This has changed the way funds are raised on the blockchain. Back in 2017, projects were raising capital in Ethereum, which they had to sell off following the market crash. Today, stablecoins allow projects to raise and retain their funds on-chain, protected from market volatility.
The growing use of crypto analytics
Beyond tracking smart money, crypto analytics can also be used to trace and recover crypto stolen through hacks and scams.
To date, the biggest blockchain hack — targeting Axie Infinity’s Ronin Blockchain — resulted in over US$600 million being stolen. Since then, 10 percent of the funds have been recouped through collaboration between law enforcement agencies and industry players including Chainalysis.
Axie Infinity’s Ronin blockchain was hacked in March 2022 / Image Credits: Ronin
Chainalysis trains algorithms to find patterns and identify wallets involved in illicit activities.
“We have a team of around 50 people transacting with dark net, terrorist cells, and [other such actors].” By building this dataset, the company is able to work with law enforcement and aid in resolving crypto-based financial crimes.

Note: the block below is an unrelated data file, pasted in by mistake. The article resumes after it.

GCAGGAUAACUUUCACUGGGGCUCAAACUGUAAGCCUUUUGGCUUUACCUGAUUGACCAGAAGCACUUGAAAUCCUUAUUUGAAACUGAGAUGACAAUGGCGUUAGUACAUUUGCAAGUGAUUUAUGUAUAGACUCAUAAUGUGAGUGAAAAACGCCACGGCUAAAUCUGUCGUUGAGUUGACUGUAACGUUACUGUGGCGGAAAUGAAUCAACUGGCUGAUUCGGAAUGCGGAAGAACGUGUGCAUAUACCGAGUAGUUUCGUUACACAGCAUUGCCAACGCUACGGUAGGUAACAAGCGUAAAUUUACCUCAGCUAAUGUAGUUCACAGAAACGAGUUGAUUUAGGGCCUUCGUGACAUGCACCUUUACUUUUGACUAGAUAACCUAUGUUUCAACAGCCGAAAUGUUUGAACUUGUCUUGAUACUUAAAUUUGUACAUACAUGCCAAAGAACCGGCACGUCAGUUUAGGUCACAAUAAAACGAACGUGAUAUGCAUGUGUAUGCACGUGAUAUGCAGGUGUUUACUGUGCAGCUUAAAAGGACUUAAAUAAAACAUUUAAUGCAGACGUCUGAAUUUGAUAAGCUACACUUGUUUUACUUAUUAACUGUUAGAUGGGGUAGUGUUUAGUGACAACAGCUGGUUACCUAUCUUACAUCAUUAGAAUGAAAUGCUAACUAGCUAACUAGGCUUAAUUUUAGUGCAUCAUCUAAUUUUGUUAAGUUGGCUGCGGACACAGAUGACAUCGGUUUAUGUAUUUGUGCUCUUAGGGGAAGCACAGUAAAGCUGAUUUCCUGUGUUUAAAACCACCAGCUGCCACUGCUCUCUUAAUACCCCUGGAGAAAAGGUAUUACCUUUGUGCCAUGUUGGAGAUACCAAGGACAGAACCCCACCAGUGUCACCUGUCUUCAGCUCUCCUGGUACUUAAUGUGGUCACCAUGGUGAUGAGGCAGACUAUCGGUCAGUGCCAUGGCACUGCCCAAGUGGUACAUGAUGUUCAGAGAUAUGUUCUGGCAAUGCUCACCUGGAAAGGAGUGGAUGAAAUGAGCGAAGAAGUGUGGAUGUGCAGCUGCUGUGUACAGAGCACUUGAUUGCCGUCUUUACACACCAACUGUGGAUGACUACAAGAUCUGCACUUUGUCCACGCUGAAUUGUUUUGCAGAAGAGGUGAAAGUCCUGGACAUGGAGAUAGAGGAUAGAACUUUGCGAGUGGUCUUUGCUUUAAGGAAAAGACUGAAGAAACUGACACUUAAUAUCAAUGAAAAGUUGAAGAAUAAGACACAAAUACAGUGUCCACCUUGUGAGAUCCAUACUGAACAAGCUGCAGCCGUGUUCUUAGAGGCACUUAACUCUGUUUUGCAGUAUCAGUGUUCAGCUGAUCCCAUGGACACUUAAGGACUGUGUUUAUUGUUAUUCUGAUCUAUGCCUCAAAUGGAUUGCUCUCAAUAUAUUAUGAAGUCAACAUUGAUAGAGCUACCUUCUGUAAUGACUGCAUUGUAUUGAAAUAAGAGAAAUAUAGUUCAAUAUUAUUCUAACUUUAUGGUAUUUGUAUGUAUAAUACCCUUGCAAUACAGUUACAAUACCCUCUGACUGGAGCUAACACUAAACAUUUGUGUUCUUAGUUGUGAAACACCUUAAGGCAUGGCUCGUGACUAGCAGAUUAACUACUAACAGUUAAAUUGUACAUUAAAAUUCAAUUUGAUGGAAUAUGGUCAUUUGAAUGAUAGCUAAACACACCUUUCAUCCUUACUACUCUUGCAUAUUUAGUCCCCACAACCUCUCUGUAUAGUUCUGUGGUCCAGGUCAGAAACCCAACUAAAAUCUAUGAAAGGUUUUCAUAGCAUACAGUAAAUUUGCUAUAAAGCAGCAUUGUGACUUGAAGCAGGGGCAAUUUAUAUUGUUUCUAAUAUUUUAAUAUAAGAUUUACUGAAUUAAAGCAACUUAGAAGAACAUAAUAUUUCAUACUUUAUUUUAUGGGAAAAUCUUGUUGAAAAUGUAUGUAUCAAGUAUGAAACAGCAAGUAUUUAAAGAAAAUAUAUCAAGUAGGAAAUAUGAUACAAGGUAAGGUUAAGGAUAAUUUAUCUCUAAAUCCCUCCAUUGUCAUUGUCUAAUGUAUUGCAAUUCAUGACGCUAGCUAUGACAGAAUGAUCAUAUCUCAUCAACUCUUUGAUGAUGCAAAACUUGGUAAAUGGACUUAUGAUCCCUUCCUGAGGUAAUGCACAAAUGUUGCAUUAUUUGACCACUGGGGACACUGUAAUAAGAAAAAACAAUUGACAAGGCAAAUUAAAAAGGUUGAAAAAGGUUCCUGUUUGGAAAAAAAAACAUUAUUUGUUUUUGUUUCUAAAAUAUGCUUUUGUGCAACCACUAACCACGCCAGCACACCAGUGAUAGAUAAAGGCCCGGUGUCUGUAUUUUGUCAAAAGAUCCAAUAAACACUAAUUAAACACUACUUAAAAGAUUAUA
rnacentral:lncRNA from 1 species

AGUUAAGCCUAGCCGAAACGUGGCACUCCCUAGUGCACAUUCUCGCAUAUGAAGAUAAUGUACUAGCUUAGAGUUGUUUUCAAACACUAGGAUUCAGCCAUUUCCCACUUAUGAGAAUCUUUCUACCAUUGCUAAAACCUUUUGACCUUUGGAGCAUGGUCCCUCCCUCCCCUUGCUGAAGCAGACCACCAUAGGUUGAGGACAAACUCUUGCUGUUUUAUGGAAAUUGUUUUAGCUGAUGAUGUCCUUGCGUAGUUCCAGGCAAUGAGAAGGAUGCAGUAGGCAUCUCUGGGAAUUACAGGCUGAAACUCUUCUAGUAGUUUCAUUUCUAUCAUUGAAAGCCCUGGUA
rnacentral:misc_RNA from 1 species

Gronager believes that this is a more feasible way to address such crimes than banning the protocols and apps being used by bad actors.
He makes reference to Tornado Cash, which was recently sanctioned by the US Treasury. The Treasury claimed that the protocol had been used by hackers to launder upwards of US$7 million in crypto.
Gronager comments on the aftermath saying, “There are hardly any funds moving through Tornado Cash anymore, but now there are copies of it. You cut the head of a dragon, and it grows three new ones. Was that really what you wanted to accomplish?”
He adds that the tools to identify and track such methods of money laundering are becoming increasingly sophisticated.
If Tornado Cash was allowed to continue operating, crypto analytics companies would’ve been able to better understand money laundering patterns. “[By not sanctioning Tornado Cash], it probably would’ve [enabled] more funds to be seized.”
Featured Image Credit: Token2049
Source by vulcanpost.com